Pandemic may wipe out $16B in construction spending: report

New York Building Congress slashes projections for this year and next

New York /
Oct.October 13, 2020 04:15 PM
The pandemic has shaved $16 billion off projected construction spending in 2020 and 2021, according to a new report.

The New York Building Congress estimates spending will reach $55.5 billion this year, down from the $65.9 billion the group previously forecast. Next year, spending will be just about flat at $56.9 billion, which is also a drop from the trade group’s earlier estimate of $62.1 billion.

The group does not see 2022 as a comeback year, either: Spending will drop back down to $56.1 billion, the construction industry trade group’s report foresees.

The analysis points to the months-long shutdown of non-essential construction in the city during the pandemic, as well as the broader economic downturn gripping the region, as the source of the lower spending forecasts. Much of the drop can be attributed to decreases in spending in residential and non-residential (including office, retail and hotel) development.

Conversely, government spending on projects was forecast to increase this year and the next, despite massive pandemic-related budget deficits at every level of government and the big public authorities. The Building Congress forecasts that such spending will hit $21.1 billion in 2020, up from $19.7 billion the previous year, and then $23.1 billion in 2021. It will level out in 2022 at $21.9 billion, according to the report.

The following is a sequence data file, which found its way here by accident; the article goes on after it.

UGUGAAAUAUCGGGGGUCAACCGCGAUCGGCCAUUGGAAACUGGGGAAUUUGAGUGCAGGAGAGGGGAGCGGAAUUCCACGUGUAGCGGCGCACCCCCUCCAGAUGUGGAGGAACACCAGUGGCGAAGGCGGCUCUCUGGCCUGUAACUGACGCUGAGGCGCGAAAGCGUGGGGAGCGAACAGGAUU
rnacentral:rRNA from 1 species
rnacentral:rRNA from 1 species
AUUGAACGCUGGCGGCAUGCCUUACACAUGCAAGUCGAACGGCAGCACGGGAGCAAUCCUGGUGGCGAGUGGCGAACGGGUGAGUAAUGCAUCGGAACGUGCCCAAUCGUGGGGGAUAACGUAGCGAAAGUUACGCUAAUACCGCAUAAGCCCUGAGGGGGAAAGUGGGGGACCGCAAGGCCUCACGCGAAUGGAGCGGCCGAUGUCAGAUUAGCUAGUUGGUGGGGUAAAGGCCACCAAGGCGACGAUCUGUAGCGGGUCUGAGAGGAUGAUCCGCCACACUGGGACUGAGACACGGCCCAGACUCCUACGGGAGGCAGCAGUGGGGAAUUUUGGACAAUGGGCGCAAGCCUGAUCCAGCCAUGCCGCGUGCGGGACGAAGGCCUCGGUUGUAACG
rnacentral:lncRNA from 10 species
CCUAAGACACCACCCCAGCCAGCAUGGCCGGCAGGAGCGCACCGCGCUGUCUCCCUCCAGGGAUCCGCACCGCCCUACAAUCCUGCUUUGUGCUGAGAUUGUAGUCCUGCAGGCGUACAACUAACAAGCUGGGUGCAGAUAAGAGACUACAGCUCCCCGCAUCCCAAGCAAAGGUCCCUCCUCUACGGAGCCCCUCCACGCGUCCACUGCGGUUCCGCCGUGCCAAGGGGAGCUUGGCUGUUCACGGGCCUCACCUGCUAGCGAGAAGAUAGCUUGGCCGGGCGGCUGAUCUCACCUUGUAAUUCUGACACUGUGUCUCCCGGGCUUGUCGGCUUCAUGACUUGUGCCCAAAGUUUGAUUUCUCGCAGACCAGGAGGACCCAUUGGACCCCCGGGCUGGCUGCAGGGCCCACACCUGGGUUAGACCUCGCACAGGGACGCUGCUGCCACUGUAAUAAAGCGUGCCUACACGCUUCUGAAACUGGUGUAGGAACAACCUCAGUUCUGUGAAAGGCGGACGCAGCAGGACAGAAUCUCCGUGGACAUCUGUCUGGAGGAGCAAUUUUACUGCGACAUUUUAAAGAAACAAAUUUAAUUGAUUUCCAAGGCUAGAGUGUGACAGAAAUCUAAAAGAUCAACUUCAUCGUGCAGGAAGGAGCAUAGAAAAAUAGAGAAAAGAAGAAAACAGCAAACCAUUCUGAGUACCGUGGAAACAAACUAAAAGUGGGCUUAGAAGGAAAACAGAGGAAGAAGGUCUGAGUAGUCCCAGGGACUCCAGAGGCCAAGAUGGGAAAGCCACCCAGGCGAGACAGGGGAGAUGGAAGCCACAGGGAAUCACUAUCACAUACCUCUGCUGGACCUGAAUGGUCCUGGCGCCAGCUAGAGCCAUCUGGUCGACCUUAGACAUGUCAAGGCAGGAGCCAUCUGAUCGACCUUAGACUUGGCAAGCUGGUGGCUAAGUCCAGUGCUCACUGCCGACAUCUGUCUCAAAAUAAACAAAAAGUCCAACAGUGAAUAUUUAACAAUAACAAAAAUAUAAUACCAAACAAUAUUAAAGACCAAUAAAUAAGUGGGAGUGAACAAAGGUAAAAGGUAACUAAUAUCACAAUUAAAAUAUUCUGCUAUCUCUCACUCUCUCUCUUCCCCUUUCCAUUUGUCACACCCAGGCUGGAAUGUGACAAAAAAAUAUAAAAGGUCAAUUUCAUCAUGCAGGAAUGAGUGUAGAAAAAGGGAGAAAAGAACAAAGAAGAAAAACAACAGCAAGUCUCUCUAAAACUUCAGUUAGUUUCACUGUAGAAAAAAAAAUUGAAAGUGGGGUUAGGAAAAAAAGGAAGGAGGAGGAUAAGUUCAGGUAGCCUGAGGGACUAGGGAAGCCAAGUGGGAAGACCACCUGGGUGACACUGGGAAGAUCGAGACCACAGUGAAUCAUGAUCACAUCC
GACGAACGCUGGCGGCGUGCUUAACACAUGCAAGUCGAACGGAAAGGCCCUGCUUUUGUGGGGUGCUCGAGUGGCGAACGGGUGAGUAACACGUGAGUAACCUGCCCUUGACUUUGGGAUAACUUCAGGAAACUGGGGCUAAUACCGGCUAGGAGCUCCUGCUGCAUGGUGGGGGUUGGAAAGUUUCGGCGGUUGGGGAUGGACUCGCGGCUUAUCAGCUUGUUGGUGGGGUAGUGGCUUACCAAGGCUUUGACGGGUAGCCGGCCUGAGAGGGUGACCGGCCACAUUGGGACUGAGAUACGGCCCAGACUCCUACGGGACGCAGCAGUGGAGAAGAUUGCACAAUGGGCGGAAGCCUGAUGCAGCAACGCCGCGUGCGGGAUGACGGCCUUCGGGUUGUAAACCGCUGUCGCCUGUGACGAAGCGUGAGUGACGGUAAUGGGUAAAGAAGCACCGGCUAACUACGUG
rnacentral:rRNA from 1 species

The Metropolitan Transportation Authority says it will have to cannibalize its capital program if the federal government does not answer its request for a $12 billion bailout, and the Port Authority of New York and New Jersey is seeking $3 billion from Washington.

Average construction employment between 2020 to 2022 is projected to drop 14 percent from the levels of 2017 to 2019. According to the Building Congress report, 128,200 construction jobs will be created in 2020. That’s projected to rise to 136,650 in 2021 and 140,200 in 2022.

(Source: New York Building Congress and New York Building Foundation) 

(Source: New York Building Congress and New York Building Foundation)





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